I'm not sure what I really think, pete, but I do think that all forms of sharing are mostly wrong, whether its a library or online.

I do however, feel that online vs. a library are equally as bad, as opposed to the view of online being somehow worse.

I think unless the writer authorizes it, you shouldnt loan out any books nor let anyone else view them unless they've also purchased it, but perhaps that is too harsh.

Just something to think about, I'm still unsure myself...


The main question I was asking, which was assuming that sharing books/dvd's was wrong and against author/publisher's wishes, was whether the thirst for knowledge could be outweighed by the ethics against sharing magic items.

I suppose if the consensus is that sharing is A-ok then I guess there is no conflict at all...
Message: Posted by: DoctorAmazo (Aug 3, 2006 08:11PM)
By extension, your premise would also prohibit the re-sale of books/videos by the original purchaser. Once they have accessed the material therein, it would be unethical to sell the original to another.

You probably assume I'm talking about magic....but it would apply equally to ANY book, wouldn't it? You read a novel, you've used it for your entertainment. Selling, lending, renting...they all deprive the author/publisher of a potential sale.

Take to the streets, men, let's burn down all those evil public libraries!
Message: Posted by: Daegs (Aug 3, 2006 09:03PM)
Not really, because I feel performance rights are the crux of the issue.

I think you can sell a video and the performance rights associated with it.

With lending situations, obviously only the original owner has the performance rights and that is why the mass sharing is wrong.

I don't think it would apply equally... in magic we are talking about someone's creation and performance rights... with a normal book you aren't "using" the information. I suppose with an instructional type book, you should probably keep it.

However, you also have to realize that magic is a SUPER SMALL community, and that while a big time book writer with big publisher contracts and bonus's and millions of sales whether the book is any good or not, in magic the writers aren't making millions and having a book stolen a thousand times on the internet is a big deal.
Message: Posted by: DoctorAmazo (Aug 4, 2006 11:32AM)
I fail to see the distinction. A novelist makes money by writing and selling books of stories. A magician makes money writing and selling books of effects. If I re-sell you a book of either type, chances are you won't buy a new one but you have still benefitted from reading the data. The author loses out, either way. Your "Performance rights" issue just muddies the water.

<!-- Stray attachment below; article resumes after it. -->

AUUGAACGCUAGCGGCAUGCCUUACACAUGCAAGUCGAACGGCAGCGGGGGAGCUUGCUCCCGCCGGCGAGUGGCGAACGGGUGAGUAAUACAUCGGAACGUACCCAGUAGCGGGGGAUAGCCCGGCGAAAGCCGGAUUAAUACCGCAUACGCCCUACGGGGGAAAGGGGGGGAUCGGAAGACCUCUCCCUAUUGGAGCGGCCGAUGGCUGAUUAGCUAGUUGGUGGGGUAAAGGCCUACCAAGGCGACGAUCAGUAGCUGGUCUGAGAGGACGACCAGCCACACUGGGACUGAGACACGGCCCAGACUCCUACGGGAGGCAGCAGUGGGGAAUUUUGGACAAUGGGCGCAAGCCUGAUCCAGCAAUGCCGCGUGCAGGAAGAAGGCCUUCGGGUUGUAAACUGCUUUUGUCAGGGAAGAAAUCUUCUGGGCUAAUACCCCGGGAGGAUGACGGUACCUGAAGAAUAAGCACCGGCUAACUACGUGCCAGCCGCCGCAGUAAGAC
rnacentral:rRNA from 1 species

And you lost me completely when you imply that stealing from the "rich" is more acceptable than stealing from the "poor". How many books they sell is completely irrelevant when discussing the ethics of theft.
Message: Posted by: elecktra (Aug 11, 2006 10:48PM)
Just in reading all of this - I just realized that they have a somewhat exclusive magic library right here in New York City. You have to make a special appointment to go in and you cannot borrow any books - you can only read them there. They have a very extensive collection of old and unusual magic books from all over the world - and from what I understand they have gotten everything legally. They also run a website where you can research for a fee. I think that they see it more as research in order to come up with new ideas, than actually stealing someones tricks. I want to check it out when I get a chance but I don't think I would actually sit there for hours looking at old books unless I was doing research. Just a thought.
Message: Posted by: Philosophry (Aug 11, 2006 11:56PM)
To answer the original question, I would be happy to make use of that library and I'd have no problem with it. If someone opened up a library full of resources in any of my interests I'd be pleased to use it. Why would anyone have a problem with this?

OK, I know people who do. All they think about is what they get - the secret, the secret! There are enough secrets revealed in Annemann, in Corinda and so on + sleight of hand knowledge to provide [i]any[/i] reasonably intellegent magician with several lifetimes worth of amazing magic.

But magicians must sell secrets, magicians must buy secrets. Secrets! Secrets!

I don't care if I ever read or discover another magical 'secret' as long as I live. But I do enjoy watching good magic, well performed magic. I really enjoy reading magician's ideas, what made them think [i]this[/i], why they do [i]that[/i]. Which is why I probably will never buy magic downloads that charge $10 for a 'secret'.

That's my position. I'd use and enjoy the library.
Message: Posted by: Daegs (Aug 13, 2006 02:00AM)